Vladimir Golstein holds his M.S. in Computers from Moscow Institute of Management, his B.A. in Philosophy from Columbia University, and his Ph.D. in Slavic Languages and Literatures from Yale University. His scholarly interests embrace Russian culture, religion, philosophy, and poetry of the past two centuries, as well as the current foreign policy issues. He is currently Professor of Slavic Studies at Brown University.
Golstein is putting together two scholarly monographs: one on the conflict of generations in Russia and another on the use of musical communication in a literary text. His recent study is Lermontov’s Narratives of Heroism (Evanston, IL: Northwestern University Press, 2012). He is well-known in the scholarly world. His articles have been featured on Forbes, The Nation, Kyiv Post, Al Jazeera, and other news outlets.
Alexis: Recep Tayyip Erdogan has finally conceded defeat. Russian-style defeat. As we reported over a week ago, Russia had effectively shut down Turkey’s economic infrastructure, a strategic move that sent shockwaves across the country. Turkey’s tourism industry complained that this was “the worst season in 30 years.” Sputnik has reported:
“Turkey’s once-thriving marketplaces have been left resembling ghost towns, with the tourism crisis riding roughshod over not only seaside resorts, but also Istanbul; this former Mecca of tourism was the worst affected by the aftermath of the bomb blasts.
“Even though the decline in revenues in Turkey’s tourist sector will ebb by about a quarter by the year-end, local hotels and restaurants, including those in Istanbul, remain empty.”
Moscow waited for an apology from Erdogan for bringing down a Russian jet in Syria for over six months, and Erdogan has finally put his hands in the air and admitted his political missteps. He has already asked for forgiveness and begged for mercy. Kremlin spokesman Dmitry Peskov has said:
“President Putin has received a letter from Turkish President Erdogan where the Turkish leader expresses interest in resolving the situation around the downing of a Russian bomber jet.” It is reported:
“Erdogan said that Turkey ‘shares the pain of the downed Su-24 pilot’s death with his family’ and ‘sees it as Turkey’s pain…’ Turkey is ready to take all steps required to ‘relieve the pain and severity of damage’ to the deceased Su-24 pilot’s family, Erdogan writes in his letter to the Russian President.”
Can friends stab each other and still be strategic partners? In any event, we obviously know that Erdogan is desperate to restore Turkey’s tourism industry. So, it could easily be argued that the letter is somewhat insincere.
But the fact is that Erdogan took the time to write it and send it to Moscow, and that itself is pregnant with meaning. Erdogan—like the Obama administration, which has been pushed by NATO to promote covert operations on Russian borders—has finally woken up from his fantasy and realized that Russia is a political and military powerhouse, one that cannot be easily dismissed by threat, political maneuvering, and ideological mumbo jumbo.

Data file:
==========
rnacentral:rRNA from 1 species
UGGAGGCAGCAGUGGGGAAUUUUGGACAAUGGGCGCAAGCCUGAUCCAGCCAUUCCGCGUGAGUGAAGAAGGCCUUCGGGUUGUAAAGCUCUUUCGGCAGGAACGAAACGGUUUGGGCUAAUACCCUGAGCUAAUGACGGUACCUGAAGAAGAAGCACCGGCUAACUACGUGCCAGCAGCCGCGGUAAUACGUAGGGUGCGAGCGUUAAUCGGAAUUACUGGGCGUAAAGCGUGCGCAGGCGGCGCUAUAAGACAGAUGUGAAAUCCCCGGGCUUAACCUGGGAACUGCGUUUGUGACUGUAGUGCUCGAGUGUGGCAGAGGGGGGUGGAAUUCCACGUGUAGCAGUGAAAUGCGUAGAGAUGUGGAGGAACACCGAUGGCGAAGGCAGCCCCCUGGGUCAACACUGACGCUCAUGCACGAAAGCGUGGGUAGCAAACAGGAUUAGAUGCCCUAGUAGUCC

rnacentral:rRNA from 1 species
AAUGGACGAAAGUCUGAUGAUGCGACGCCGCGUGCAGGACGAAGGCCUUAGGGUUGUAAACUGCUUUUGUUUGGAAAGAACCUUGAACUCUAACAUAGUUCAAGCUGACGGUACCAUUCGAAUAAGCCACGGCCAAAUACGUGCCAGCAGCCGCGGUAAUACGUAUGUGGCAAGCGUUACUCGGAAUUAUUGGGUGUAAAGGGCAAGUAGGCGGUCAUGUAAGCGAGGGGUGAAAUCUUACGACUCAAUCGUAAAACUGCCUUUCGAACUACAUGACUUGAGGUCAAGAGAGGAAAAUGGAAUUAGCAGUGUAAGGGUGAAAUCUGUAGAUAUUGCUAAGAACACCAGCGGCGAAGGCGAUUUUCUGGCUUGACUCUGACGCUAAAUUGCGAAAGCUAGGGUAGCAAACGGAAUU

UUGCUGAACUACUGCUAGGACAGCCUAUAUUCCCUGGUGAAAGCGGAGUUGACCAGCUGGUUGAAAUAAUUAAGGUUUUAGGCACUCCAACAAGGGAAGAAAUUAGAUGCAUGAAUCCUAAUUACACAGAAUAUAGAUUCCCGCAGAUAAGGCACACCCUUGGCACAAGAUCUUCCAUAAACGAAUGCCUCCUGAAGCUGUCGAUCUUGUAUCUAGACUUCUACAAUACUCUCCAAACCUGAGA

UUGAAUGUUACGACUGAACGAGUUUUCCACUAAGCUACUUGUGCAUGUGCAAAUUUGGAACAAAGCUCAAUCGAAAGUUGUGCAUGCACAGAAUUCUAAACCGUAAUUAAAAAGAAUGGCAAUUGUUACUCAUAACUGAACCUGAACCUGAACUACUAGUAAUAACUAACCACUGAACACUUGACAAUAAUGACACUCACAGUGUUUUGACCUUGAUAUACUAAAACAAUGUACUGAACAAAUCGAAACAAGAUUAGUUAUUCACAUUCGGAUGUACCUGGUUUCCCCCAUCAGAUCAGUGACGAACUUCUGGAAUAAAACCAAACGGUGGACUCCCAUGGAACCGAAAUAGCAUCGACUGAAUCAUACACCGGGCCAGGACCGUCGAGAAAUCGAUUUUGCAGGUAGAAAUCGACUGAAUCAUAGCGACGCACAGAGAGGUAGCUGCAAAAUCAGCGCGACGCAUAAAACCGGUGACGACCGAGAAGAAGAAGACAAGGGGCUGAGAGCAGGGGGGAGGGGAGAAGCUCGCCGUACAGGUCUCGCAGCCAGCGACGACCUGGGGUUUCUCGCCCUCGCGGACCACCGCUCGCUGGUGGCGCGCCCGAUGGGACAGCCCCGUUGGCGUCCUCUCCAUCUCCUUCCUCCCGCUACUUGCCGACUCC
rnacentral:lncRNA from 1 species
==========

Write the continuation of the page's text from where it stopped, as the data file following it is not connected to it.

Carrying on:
It seems that NATO and NWO agents were expecting Russia to do something really stupid. That would have given NATO and NWO agents enough excuses to build a diabolical case against Russia. But Russia took a more strategic route, one that progressively became more effective than anything else and one that obviously stunned warmongers. Russia cut Turkey’s economic supplies and made Erdogan look like Wile E. Coyote.
Putin has done well when he welcomed Turkey’s apology, and one must say that he probably did the right when he ordered Russia to start lifting the sanctions. After all, peaceful resolutions should always be preferable over heated and protracted conflicts.
But Russia should keep an eye on Turkey, and Putin should also set up logical rules for continued dialogue, since Turkey is still part of NATO, which is hostile to Russia. Russia should also ask Erdogan to stop assisting ISIS and other terrorist groups that are targeting the Syrian government. And if Turkey fails to compensate for downing the Russian jet, then no dialogue is needed and the letter was just a smokescreen.
Moreover, Erdogan should help Russia end the Syrian war by challenging the powers that be to stop supporting the so-called Syrian rebels and to ask Israel to stop dictating who needs to go and who needs to stay in the Middle East. As we have seen earlier, the Israeli regime even prefers ISIS over the Syrian government. That is one reason why ISIS has never attacked Israel. That’s one reason why the Israelis have been rescuing ISIS members in the region. That was one reason why Israel was “in regular contact with Syrian rebels, including Islamic State (ISIS) militants.”
But things are changing. If Erdogan is sincere about working with Putin, then the United States and even NATO will have a tough time perpetuating their lies and fabrications. The Erdogan apology also puts another nail in the New World Order coffin, despite the fact that news outlets such as the Daily Beast, the Washington Post, and Newsweek continue to attack Putin and Russia on a totally incoherent plane. Vladimir Golstein, what is your assessment on some of these issues? Should Putin restore peaceful resolutions with Erdogan?
Golstein: Erdogan realized that through his authoritarian, self-righteous, and frequently erratic ways he managed to create too many enemies for his own country all over the world. On some level, he can be seen as the emblem of the United States: his economic successes have given him the aura of invincibility, so he began to be convinced that he can ride the wave of all possible confrontations and contradictions, hoping to succeed by challenging both his immediate neighbors (like Syria or Russia) as well as the distant countries, be it Germany or even the US for their support of the Syrian Kurds.
Clearly, Erdogan’s position is very complex, as he is trying to re-establish Turkey as a major economic and political power and power-broker in the region, while trying at the same time to accommodate various religious or political demands (such as his alliance with Saudis and various militant religious groups whom they sponsor, his obligations to NATO or his fear of Kurds and their separatist threat).